Gans, Eric. Essais d’esthétique paradoxale. Gallimard, 1977.

—. “Differences.” Modern Language Notes 96.4 (1981): 792-808.

—. The End of Culture. Berkeley: U of California P, 1985.

—. Originary Thinking: Elements of Generative Anthropology. Stanford, California: Stanford UP, 1993.

—. Signs of Paradox: Irony, Resentment, and Other Mimetic Structures. Stanford, California: Stanford UP, 1997.

—. “The End of Seinfeld.” Chronicles of Love and Resentment 121 (January 10, 1998): <>.

—. “Form Against Content: René Girard’s Theory of Tragedy.” Revista Portuguesa de Filosofia 56 (2000): 53-65.

Garvie, A.F. “Aeschylus’ simple plots.” in Dawe, R.D., J. Diggle, and P.E. Easterling (eds.), Dionysiaca: Nine Studies in Greek Poetry. Cambridge: 1978, 63-86.

Golden, Leon and O.B. Hardison, Jr. (eds.) Aristotle’s Poetics: A Translation and Commentary for Students of Literature. Translation by Leon Golden. Commentary by O.B. Hardison, Jr. Englewoord Cliffs, NJ: Prentice-Hall, 1968.

Halliwell, Stephen. Aristotle’s Poetics. Second edition. Chicago: U of Chicago P, 1998.

Hiltunen, Ari. Aristotle in Hollywood: The Anatomy of Successful Storytelling. Bristol: Intellect Books, 2002.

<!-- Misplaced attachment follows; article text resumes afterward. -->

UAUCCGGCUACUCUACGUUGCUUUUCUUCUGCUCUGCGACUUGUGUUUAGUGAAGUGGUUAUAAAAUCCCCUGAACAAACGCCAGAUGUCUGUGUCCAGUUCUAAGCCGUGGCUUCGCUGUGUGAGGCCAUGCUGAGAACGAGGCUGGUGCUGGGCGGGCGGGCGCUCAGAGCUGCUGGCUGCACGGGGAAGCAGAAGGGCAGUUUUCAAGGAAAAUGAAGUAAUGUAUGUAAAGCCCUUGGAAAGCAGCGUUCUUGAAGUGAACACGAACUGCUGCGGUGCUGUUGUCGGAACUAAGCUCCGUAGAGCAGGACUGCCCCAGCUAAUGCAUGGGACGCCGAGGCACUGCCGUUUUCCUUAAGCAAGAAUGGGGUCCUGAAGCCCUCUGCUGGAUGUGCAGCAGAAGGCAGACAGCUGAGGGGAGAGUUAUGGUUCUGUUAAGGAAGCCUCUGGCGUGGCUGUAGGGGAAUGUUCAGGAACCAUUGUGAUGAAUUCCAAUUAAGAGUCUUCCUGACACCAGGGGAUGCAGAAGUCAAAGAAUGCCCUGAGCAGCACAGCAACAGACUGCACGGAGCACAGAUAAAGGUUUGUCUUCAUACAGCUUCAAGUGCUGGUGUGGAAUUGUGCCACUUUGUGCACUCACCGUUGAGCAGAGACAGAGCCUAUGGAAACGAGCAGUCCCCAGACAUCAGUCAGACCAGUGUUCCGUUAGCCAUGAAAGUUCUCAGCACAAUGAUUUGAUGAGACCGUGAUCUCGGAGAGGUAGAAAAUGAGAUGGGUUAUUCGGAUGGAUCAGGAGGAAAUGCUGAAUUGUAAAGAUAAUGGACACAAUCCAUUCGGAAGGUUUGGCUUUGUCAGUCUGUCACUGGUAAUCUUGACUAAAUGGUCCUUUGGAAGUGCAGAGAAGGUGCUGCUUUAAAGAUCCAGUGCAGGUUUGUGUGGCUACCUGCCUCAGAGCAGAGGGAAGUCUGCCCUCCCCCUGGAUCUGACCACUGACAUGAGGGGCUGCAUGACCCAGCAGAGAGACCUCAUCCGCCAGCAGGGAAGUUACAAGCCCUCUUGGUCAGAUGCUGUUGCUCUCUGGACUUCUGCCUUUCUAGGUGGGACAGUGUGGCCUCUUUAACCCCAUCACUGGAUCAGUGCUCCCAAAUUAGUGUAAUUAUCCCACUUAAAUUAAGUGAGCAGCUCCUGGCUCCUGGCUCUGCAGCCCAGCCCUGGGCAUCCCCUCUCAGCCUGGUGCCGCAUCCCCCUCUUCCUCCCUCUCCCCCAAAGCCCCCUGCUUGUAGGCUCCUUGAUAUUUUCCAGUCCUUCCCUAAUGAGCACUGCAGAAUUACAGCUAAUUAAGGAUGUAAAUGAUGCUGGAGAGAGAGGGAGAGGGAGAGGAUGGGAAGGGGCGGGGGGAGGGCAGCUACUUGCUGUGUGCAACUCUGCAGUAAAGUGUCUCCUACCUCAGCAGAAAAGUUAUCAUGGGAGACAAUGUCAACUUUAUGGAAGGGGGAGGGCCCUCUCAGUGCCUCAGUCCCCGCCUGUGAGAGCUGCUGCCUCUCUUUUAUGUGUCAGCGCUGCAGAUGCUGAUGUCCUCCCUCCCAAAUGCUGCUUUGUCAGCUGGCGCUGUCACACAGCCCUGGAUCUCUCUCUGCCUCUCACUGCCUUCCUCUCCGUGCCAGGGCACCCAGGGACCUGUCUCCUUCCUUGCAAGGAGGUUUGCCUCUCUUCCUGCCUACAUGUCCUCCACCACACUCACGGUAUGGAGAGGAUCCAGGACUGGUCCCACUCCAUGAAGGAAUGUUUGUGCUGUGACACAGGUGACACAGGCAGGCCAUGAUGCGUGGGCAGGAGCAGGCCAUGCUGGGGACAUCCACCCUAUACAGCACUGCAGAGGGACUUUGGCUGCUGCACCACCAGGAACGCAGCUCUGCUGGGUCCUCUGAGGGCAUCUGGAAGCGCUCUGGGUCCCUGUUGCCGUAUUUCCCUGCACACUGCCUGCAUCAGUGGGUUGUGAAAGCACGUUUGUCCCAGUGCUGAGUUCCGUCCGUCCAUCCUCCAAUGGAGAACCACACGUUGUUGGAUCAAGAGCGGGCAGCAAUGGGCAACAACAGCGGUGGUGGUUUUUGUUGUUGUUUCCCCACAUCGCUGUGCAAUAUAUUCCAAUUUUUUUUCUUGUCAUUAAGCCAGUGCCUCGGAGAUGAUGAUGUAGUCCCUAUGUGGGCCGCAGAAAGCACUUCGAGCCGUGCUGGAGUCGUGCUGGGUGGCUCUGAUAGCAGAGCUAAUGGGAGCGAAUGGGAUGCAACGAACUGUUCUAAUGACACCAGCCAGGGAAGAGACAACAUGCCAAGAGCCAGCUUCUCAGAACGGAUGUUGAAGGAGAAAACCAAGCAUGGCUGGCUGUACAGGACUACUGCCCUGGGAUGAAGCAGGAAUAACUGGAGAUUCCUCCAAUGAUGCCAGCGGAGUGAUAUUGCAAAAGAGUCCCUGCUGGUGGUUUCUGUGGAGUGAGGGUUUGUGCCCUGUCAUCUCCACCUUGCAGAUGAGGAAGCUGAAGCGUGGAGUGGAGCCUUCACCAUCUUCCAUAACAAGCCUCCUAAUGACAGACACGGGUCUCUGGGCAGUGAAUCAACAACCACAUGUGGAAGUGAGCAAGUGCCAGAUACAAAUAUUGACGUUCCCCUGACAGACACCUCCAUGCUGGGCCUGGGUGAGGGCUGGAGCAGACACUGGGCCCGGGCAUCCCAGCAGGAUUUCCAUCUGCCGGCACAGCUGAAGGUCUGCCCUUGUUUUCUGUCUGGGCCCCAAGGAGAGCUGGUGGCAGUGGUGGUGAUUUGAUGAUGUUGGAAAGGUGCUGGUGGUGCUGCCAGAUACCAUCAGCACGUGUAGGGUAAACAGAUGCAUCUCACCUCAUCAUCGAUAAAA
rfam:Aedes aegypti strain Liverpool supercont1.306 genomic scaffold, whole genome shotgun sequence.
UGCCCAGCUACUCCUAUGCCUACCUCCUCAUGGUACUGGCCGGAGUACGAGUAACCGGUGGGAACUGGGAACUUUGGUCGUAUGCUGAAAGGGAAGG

Kassel, Rudolph (ed.) Aristotelis de arte poetica liber. Oxford: Clarendon Press, 1966.

Knox, Bernard M. W. “The Date of the Oedipus Tyrannus of Sophocles.” American Journal of Philology 77.2 (1956): 133-147.

Lucas, D.W. (ed.) Aristotle Poetics. Oxford: Clarendon Press, 2001 [1968].

Murnaghan, Sheila. “Sucking the Juice without Biting the Rind: Aristotle and Tragic Mimesis.” New Literary History 26.4 (1995): 755-773.

Post, L.A. “Aristotle and Menander.” Transactions and Proceedings of the American Philological Association 69 (1938): 1-42.

Rutherford, R.B. “Tragic Form and Feeling in the Iliad.” Journal of Hellenic Studies 102 (1982): 145-160.

Schneider, Matthew. “Sacred Ambivalence: Mimetology in Aristotle, Horace, and Longinus.” Anthropoetics I.1 (June 1995): <>.

Sommerstein, Alan H. Greek Drama and Dramatists. London: Routledge, 2002.



* Portions of this essay were delivered as part of the presentation, “Aristotle on Textual and Material History: Mythical Structures of Reality,” a paper read at the 2003 Classical Association of the Canadian West conference on Texts and Material Culture: Possibilities and Problems at the University of Calgary on March 22, 2003. I would like to thank the conference participants for feedback and discussion of the paper. In particular, the comments of Prof. Laurel Bowman of the Department of Greek and Roman Studies, University of Victoria, inspired me to refine my argument. I would also like to thank the referees for Anthropoetics, whose feedback helped me to revise and expand this article.

1. I would argue that Aristotle in Poetics 14 (at 1453b31-34) is aware of the special case that the Oedipus Tyrannus presents, because of his distinction between Oedipus, on the one hand, and Alcmaeon and Telegonus, on the other hand. Hence I surmise that Aristotle would have shared my opinion about the Oedipus Tyrannus, namely, that it is such an interesting topic for conversation about tragedy because it is both so sui generis and so clichéd. (back)